These generous quesadillas, filled with black beans, broccoli, and portobella mushrooms, make a substantial one-dish meal that’s easily completed with a simple salad on the side. Using a judicious sprinkling of vegan cheese make these extra yummy, but if you object to vegan cheese, skip it. Note, however, that there will be nothing “queso” about these quesadillas, which are essentially embellished grilled cheese sandwiches made with tortillas (and usually embellished with other ingredients). more→
Here’s a simple soup of quick-cooking red lentils, embellished with tender greens. It’s a warming homemade soup you can have on the table in less than 45 minutes. Once you’ve done the onion-garlic sauté, there’s very little additional work to do! Serve with fresh pita, croutons, or crispy pita chips that you can crumble right into the soup. The recipe yields a flavorful but mild soup; see notes on seasonings following the recipe if you’d like to kick it up a few notches.
Curry-flavored chickpeas perched atop a bed of chutney-flavored grains (you can use either quinoa, bulgur, or couscous), making for an appealing grain-and-legume combination. Serve with a simply prepared vegetable — hardy greens, broccoli, or cauliflower — and a simple salad. Look for chutney in the international foods aisle of supermarkets or natural foods stores. Adapted from Vegan Express.
Here’s an easy salad with a Southwestern flair. A tasty combo of avocado and pinto beans, this goes well with simple quesadillas and other tortilla specialties that don’t themselves contain beans. This also makes a great portable lunch along with stoneground tortilla chips and some seasonal fruit. Photos by Hannah Kaminsky. more→
There has rarely been a comprehensive collection of vegetarian or vegan recipes, in print or online, that didn’t include at least one recipe for chili. Bean-based chills are warming, hearty, and inexpensive. They’re as welcome for everyday meals as they are for parties and potlucks. They freeze well and are also a great lunchbox option. Here’s a handful of chili varieties to choose from. more→
Lentil chili is deliciously offbeat, especially with the addition of sweet potato. Smoky spices, intended for grilling, are readily available in the spice section of supermarkets, and add a bold but not overly hot flavor to the stew. I like to serve this with fresh greens, steamed or sautéed and a simple slaw-style salad. Stone-ground tortilla chips and some salsa are also welcome! more→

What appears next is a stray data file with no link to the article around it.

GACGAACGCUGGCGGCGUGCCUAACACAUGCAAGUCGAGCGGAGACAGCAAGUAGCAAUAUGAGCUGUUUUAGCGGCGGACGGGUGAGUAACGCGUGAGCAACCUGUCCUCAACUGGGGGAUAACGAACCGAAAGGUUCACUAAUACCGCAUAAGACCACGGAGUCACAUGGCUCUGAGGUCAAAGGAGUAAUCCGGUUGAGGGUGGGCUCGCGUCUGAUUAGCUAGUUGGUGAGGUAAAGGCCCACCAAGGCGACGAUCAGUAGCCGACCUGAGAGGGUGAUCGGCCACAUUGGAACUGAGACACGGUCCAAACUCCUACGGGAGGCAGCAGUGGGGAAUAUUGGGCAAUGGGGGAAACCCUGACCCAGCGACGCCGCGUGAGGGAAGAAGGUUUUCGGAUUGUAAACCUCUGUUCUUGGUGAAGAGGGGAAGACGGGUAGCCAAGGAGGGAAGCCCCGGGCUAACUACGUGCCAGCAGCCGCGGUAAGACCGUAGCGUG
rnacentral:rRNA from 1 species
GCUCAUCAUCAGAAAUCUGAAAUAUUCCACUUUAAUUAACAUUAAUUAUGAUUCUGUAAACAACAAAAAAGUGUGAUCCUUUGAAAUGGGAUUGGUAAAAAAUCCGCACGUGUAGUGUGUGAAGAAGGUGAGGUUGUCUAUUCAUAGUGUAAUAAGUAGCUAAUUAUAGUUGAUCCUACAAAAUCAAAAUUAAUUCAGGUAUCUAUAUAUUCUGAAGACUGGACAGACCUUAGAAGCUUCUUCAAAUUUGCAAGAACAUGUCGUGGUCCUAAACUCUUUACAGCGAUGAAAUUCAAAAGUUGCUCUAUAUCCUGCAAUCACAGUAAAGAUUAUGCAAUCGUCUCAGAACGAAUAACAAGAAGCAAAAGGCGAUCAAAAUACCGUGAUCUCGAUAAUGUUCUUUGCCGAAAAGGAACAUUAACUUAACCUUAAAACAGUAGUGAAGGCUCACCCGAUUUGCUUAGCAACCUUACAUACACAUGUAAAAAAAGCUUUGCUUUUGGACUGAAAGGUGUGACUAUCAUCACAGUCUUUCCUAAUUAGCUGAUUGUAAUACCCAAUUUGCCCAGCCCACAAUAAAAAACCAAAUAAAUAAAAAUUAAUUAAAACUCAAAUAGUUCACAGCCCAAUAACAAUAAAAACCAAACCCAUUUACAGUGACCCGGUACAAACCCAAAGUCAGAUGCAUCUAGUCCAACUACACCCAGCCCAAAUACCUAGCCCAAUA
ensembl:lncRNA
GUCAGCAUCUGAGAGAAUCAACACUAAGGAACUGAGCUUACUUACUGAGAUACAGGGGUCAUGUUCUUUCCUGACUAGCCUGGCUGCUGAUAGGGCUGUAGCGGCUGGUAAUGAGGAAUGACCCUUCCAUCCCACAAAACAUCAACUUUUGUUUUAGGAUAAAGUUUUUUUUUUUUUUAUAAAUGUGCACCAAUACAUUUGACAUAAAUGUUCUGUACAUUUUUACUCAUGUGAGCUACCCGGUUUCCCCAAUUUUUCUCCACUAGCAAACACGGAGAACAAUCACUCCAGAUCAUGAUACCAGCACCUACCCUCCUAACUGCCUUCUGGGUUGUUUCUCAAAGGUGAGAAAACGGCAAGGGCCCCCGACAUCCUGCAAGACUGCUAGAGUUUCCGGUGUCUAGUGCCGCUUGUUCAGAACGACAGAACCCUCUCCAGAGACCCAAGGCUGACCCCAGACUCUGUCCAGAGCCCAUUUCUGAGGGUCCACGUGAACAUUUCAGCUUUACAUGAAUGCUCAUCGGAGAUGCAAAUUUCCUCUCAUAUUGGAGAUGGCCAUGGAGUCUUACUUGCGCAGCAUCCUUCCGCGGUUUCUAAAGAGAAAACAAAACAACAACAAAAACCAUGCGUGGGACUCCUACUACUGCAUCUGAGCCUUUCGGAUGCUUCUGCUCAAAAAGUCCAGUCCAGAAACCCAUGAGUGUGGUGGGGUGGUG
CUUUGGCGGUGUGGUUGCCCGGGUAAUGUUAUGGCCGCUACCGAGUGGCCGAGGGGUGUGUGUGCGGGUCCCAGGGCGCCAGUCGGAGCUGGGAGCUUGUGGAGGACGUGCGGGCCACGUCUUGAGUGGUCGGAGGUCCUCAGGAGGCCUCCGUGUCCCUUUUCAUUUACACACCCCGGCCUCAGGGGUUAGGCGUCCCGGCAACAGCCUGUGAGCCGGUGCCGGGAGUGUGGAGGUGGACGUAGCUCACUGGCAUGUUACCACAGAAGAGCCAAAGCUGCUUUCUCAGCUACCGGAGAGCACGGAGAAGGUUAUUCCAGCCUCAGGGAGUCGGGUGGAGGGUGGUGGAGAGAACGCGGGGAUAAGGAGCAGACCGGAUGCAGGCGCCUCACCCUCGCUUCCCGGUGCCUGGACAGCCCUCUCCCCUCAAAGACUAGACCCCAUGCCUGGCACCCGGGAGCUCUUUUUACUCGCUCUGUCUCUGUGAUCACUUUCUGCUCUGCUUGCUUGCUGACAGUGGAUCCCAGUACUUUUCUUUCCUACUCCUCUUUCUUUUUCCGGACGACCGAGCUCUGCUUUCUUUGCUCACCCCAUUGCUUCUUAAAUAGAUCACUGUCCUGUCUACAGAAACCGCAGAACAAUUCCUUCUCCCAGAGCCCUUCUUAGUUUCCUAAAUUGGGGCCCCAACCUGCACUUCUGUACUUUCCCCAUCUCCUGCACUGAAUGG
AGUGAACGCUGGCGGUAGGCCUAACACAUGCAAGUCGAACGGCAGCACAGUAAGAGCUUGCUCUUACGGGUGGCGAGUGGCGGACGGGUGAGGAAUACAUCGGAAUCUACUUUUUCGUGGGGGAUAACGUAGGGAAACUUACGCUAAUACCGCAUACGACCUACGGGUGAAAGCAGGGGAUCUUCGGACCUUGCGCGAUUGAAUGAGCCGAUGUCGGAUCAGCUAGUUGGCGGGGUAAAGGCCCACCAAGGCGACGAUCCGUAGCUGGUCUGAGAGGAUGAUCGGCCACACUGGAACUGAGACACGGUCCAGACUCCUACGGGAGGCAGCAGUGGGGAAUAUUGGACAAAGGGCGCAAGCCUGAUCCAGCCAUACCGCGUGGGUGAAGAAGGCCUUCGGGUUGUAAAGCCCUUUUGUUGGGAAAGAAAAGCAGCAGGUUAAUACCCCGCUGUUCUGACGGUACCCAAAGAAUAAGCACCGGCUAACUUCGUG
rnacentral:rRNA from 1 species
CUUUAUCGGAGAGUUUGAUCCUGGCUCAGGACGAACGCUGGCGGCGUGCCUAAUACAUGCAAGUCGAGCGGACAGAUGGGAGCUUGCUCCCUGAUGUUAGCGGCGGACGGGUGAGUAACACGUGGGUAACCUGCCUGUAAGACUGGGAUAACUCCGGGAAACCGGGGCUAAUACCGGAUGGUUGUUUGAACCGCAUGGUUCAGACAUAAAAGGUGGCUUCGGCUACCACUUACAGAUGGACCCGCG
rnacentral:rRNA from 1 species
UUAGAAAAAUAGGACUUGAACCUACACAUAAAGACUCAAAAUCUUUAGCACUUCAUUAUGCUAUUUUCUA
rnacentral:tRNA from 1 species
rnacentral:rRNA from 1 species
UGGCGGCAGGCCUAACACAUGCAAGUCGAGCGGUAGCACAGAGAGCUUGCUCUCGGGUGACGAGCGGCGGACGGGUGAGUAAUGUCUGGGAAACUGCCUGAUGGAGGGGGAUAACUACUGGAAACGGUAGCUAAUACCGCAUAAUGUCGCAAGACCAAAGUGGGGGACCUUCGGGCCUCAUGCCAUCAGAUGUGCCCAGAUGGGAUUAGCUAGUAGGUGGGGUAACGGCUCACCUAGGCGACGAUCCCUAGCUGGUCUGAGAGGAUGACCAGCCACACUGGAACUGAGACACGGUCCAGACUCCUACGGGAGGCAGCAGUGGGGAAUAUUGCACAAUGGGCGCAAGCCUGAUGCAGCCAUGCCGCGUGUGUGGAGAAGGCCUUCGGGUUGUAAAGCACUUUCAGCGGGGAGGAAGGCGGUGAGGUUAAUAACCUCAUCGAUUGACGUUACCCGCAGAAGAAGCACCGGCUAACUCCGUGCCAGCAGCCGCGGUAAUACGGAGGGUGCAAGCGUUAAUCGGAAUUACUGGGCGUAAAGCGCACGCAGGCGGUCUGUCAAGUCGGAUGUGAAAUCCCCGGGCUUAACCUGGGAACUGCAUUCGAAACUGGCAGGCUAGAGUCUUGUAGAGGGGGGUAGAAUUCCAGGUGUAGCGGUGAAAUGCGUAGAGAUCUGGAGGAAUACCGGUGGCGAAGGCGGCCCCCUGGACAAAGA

Made of beans, oatmeal (or quinoa flakes) and walnuts, there’s nothing “fake meat” about these beanballs. They’re super easy to make, too — basically you just throw everything into the food processor. While they’re baking, cook up your favorite kind of pasta. Once it’s done, add the kind of marinara sauce you like best — homemade Classic Marinara Sauce, or or your favorite natural purchased brand. Serve with a colorful salad, and, if you’d like, roast some broccoli and/or cauliflower in the oven at the same time that the beanballs are baking. Tip: set aside some of the marinara to spoon over the beanballs, once you arrange them atop the pasta. more→
Like Minestrone, Italian Pasta and Bean Soup is a classic, sometimes referred to as pasta e fagiole. It’s a meal in a bowl that you can complete easily with fresh garlic bread and a big salad. Adapted from Vegan Soups and Hearty Stews for All Seasons by Nava Atlas. more→
The word “borracho” was a nineteenth-century north-of-the-border term for a drunkard, and so the name of this recipe literally means “drunken pinto beans.” Simmering the pintos in beer, and embellishing with jalapeño peppers and fresh cilantro gives them a unique flavor. Serve this with tortilla or rice specialties that don’t themselves contain beans. Delicious as a side dish with Southwestern flavored dishes like Baked Rice with Cheese and Green Chiles or Tofu Rancheros. Or, you can use this as a tasty filling for soft tacos or wrap them into tortillas for simple burritos. Photos by Evan Atlas. more→
Coconut milk plus lots of onion and scallion add up to a creamy and tasty sauce for this mildly spicy bean dish. I like to cook my beans from scratch with a sea vegetable to enhance their digestion and add minerals, but if you prefer, you can start with canned beans and skip the first step. Either way, this comes together quickly once you have the beans on hand. Serve with rice, steamed vegetables, and/or a green salad for a fine meal. Recipe contributed by Leslie Cerier. Photos by Tracey Eller. more→
This hearty lentil soup features a slew of compatible ingredients, including potatoes, cauliflower, and spinach or arugula. It all melds together in a garlicky, mildly curried broth. Add a fresh flatbread and a simple salad for a satisfying meal. more→
This is an easy version of a traditional Jamaican dish that is often simply referred to as “rice and peas” (though the “peas” are actually small red beans). I first learned to make this the authentic way from a Jamaican friend — cooking the beans from scratch and cracking open and grating a whole coconut. Coconut milk and canned beans are good shortcuts! This dish is traditionally served with sautéed plantains, a starchy, banana-like fruit. Try them if you’re feeling adventurous. You can also serve with Banana Fritters, another adaptation of a traditional Jamaican recipe. Photos by Evan Atlas. more→